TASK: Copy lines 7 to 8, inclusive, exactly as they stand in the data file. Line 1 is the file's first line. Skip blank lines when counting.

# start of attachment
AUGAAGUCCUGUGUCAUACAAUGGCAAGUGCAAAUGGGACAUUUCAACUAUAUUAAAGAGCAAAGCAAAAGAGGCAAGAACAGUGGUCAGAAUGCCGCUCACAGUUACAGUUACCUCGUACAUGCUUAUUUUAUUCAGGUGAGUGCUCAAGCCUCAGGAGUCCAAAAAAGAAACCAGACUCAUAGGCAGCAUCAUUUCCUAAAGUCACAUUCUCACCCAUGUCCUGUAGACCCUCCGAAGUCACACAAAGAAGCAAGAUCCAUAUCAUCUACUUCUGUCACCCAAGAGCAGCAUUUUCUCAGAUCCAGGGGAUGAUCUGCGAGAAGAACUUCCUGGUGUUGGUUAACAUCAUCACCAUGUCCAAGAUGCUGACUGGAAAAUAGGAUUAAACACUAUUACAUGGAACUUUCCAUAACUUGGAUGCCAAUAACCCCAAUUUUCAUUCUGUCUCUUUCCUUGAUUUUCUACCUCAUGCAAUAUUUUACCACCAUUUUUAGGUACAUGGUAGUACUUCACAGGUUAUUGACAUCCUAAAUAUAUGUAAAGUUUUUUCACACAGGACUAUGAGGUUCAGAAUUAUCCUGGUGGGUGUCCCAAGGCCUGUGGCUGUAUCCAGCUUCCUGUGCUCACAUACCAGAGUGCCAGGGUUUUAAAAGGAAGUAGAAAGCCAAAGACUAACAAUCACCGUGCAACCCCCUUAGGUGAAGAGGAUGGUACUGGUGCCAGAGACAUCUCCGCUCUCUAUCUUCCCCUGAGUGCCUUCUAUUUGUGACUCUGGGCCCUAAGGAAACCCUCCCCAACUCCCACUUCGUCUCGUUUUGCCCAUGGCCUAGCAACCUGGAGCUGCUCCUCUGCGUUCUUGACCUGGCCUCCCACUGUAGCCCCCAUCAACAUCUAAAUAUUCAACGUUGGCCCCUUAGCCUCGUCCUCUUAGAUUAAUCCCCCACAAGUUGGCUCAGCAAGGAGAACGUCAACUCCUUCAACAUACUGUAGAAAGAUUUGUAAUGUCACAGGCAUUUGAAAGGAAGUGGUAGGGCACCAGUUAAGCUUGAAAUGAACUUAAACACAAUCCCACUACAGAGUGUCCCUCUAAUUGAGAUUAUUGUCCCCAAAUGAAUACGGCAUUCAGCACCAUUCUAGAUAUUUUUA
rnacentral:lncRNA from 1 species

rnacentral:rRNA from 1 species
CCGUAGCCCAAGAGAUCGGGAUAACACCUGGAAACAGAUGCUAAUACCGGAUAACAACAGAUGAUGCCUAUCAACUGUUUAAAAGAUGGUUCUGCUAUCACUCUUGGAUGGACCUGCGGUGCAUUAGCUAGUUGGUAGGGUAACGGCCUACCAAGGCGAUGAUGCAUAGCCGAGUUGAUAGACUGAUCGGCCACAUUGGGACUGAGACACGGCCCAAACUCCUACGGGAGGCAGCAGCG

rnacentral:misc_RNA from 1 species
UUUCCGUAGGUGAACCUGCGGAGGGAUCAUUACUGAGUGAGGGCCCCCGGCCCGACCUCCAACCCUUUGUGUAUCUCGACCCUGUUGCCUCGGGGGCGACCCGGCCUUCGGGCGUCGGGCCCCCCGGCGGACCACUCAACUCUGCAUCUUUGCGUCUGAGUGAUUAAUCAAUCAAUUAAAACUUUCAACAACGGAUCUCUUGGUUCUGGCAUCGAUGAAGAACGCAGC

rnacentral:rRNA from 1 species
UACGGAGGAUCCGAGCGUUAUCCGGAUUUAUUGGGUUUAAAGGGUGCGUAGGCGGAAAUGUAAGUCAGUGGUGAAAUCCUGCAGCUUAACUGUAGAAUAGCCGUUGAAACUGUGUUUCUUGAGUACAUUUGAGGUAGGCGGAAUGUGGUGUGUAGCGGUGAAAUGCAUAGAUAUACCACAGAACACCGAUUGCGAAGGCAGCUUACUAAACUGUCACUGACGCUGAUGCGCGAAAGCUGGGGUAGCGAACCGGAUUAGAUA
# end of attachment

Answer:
rnacentral:rRNA from 1 species
UACGGAGGAUCCGAGCGUUAUCCGGAUUUAUUGGGUUUAAAGGGUGCGUAGGCGGAAAUGUAAGUCAGUGGUGAAAUCCUGCAGCUUAACUGUAGAAUAGCCGUUGAAACUGUGUUUCUUGAGUACAUUUGAGGUAGGCGGAAUGUGGUGUGUAGCGGUGAAAUGCAUAGAUAUACCACAGAACACCGAUUGCGAAGGCAGCUUACUAAACUGUCACUGACGCUGAUGCGCGAAAGCUGGGGUAGCGAACCGGAUUAGAUA